“You’ve got to get the transit out of the lanes of Columbia Pike,” Birch said. “[In] today’s political climate, I don’t think it’s likely, but it’s a long-range plan that even if the county were to start today, we’re talking 15 years. I think someone needs to be courageous and start doing that.”
At least three instances of objects being thrown at and shattering residential windows were reported Friday and Saturday night. The incidents took place in the Barcroft and Columbia Forest neighborhoods, on either side of the Pike near Four Mile Run.
There is no suspect description for any of the incidents. More from today’s Arlington County Police Department crime report:
MISSILE INTO OCCUPIED DWELLING, 2017-07070281, 5300 block of S. 8th Road. At approximately 10:40 p.m. on July 7, officers responded to the report of a destruction of property. Upon arrival, it was determined an unknown subject(s) threw an object at a residential window causing it to shatter. There is no subject(s) description and no injuries were reported. The investigation is ongoing.
MISSILE INTO OCCUPIED DWELLING (Series), 2017-07080285, 1200 block of S. Buchanan Street. At approximately 11:04 p.m. on July 8, officers responded to the report of a destruction of property. Upon arrival, it was determined an unknown subject(s) threw an object at a residential window causing it to shatter. A short time later, another resident in the area reported their window had been struck by an object and broken. There is no subject(s) description and no injuries were reported. The investigation is ongoing.
Image via Google Maps
(Updated 2 p.m.) Some changes are coming to several Metrobus routes through Arlington County next year, as the county prepares for the Columbia Pike “Premium Transit Network.”
At a work session with the Arlington County Board on Thursday, county staff put forward a plan that would end seven lines that run through Arlington in FY 2019, which begins on July 1, 2018, and save the county $5.8 million:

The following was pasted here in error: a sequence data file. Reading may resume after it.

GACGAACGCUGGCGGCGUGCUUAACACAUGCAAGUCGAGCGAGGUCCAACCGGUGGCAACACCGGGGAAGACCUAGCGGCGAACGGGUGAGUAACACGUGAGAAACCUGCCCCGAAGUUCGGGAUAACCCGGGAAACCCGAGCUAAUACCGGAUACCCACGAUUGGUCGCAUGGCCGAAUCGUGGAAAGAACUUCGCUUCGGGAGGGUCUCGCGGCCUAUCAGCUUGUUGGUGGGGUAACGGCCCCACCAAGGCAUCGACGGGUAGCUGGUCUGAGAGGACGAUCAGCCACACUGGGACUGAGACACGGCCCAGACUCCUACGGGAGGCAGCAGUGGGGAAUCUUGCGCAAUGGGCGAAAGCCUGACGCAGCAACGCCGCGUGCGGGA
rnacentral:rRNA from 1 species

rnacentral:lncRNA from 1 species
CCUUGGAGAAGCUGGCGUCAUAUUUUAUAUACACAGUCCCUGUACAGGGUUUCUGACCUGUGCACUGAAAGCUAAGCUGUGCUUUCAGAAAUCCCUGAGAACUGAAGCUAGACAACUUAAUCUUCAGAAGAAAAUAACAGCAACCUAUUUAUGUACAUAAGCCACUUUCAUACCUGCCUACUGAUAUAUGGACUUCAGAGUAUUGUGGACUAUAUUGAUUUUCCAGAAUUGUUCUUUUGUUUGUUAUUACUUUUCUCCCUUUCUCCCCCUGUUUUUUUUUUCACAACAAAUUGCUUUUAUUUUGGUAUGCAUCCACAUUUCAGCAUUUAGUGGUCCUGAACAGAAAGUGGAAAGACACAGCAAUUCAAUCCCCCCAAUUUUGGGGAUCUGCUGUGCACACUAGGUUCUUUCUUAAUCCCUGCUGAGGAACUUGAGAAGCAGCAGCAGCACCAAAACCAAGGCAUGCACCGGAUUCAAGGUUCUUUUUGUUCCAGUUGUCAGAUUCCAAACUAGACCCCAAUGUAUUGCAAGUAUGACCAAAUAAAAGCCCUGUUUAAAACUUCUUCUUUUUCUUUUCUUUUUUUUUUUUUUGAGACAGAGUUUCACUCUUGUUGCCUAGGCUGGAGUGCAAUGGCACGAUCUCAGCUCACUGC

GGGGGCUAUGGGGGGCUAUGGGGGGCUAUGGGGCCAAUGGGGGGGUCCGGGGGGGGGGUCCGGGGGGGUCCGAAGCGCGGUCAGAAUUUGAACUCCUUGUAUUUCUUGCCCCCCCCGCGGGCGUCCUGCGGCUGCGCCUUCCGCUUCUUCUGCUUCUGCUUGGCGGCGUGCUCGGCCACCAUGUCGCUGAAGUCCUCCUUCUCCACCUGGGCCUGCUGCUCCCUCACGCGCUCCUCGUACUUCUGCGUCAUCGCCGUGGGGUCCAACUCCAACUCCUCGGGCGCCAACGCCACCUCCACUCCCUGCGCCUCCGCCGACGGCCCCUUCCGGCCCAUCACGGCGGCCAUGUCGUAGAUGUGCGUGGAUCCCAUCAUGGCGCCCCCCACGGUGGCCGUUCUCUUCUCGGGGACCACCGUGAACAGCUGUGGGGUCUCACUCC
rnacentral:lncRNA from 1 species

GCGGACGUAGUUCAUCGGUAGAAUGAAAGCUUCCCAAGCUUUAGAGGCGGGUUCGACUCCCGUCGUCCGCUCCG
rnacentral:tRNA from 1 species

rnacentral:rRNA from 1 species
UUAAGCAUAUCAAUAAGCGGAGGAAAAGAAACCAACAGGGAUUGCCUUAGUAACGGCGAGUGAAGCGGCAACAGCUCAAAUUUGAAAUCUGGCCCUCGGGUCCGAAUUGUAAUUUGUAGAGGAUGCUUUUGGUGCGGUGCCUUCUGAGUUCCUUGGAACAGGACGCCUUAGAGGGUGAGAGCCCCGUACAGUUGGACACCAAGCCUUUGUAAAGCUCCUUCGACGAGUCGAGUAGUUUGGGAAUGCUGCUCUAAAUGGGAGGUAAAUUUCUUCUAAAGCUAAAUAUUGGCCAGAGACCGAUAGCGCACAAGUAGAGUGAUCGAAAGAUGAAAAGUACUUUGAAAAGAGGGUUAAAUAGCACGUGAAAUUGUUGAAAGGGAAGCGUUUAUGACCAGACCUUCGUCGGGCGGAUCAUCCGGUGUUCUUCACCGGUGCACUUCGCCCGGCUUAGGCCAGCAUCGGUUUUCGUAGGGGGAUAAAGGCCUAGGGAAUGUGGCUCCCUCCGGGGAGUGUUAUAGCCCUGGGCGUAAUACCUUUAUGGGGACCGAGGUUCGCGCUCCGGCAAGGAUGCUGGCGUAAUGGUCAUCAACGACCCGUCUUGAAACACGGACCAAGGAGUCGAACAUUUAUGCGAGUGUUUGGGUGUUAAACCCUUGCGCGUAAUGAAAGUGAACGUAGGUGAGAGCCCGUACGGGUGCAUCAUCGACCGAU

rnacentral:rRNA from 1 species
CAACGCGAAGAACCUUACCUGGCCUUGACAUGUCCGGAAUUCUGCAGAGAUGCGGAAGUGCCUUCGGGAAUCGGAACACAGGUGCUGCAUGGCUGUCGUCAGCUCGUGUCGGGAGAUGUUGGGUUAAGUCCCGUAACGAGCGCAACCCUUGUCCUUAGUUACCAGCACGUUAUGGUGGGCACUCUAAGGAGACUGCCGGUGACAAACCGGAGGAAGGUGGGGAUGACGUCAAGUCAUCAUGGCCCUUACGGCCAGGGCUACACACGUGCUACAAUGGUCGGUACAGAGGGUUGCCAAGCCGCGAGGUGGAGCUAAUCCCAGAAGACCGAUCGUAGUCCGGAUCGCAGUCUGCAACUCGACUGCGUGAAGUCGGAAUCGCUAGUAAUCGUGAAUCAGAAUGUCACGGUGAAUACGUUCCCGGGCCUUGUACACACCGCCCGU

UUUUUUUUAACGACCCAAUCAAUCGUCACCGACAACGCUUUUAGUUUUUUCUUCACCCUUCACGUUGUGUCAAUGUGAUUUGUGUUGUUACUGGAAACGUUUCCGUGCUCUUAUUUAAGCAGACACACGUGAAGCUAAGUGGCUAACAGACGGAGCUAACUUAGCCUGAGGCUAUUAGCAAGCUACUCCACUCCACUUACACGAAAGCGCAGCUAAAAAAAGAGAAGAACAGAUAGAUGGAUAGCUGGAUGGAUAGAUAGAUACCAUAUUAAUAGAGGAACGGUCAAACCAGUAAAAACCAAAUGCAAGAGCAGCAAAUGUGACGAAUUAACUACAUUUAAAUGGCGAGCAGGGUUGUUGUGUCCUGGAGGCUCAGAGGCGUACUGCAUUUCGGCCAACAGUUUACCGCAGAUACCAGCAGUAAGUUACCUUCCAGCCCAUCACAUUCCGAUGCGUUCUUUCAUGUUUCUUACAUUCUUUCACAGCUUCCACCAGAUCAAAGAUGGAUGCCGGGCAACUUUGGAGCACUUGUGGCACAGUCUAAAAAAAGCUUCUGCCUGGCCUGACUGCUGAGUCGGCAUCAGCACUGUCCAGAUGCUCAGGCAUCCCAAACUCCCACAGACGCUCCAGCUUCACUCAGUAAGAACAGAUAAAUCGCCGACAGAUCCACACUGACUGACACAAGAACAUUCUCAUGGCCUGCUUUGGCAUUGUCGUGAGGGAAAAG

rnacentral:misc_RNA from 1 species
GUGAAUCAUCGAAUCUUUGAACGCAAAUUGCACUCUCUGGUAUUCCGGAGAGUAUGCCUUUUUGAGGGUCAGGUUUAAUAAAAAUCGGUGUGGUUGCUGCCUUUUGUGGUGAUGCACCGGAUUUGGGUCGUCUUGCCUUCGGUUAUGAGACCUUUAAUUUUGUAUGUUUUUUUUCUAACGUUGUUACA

- The 4A between Seven Corners and Rosslyn
- The 16B, E and P along Columbia Pike
- The 16G, H, K along Columbia Pike
A spokesman for the county’s Department of Environmental Services said the changes along the Pike would help make way for the so-called “Premium Transit Network,” which is projected to cost $6.9 million and launch next summer after delays. The various routes would be consolidated under that network, which the spokesman said would “result in more bus service in the county, not less.”
The new bus system was put together after the Columbia Pike Streetcar project was cancelled in 2014, with Board members at the time promising a system that would be just as good, if not better.
To try and lessen the impact of the service cuts, staff proposed improving the frequency and hours of the 4B that largely overlaps the 4A, and similar efforts for the 16A on Columbia Pike. Those improvements would cost just under $850,000.
The 4B would then be discontinued as a Metrobus route in FY 2020, saving the county $1.7 million, and made an ART route.
The 16X service from Columbia Pike to Federal Triangle in D.C. via the Pentagon would have its hours improved, at a cost of $3.2 million to county coffers. The 15K and 15L routes between the East Falls Church and Rosslyn Metro stations would also be realigned.
All told, the various service reductions and increases will cost the county just over $2.6 million more in its Metrobus subsidy, bringing that figure to $40.5 million in FY 2019.
The possibility also exists that the 22A, B and C routes through Barcroft and South Fairlington could be converted into locally-run ART routes. That would save $2.4 million in the county’s Metrobus subsidy, but would require funds to be made available through ART instead.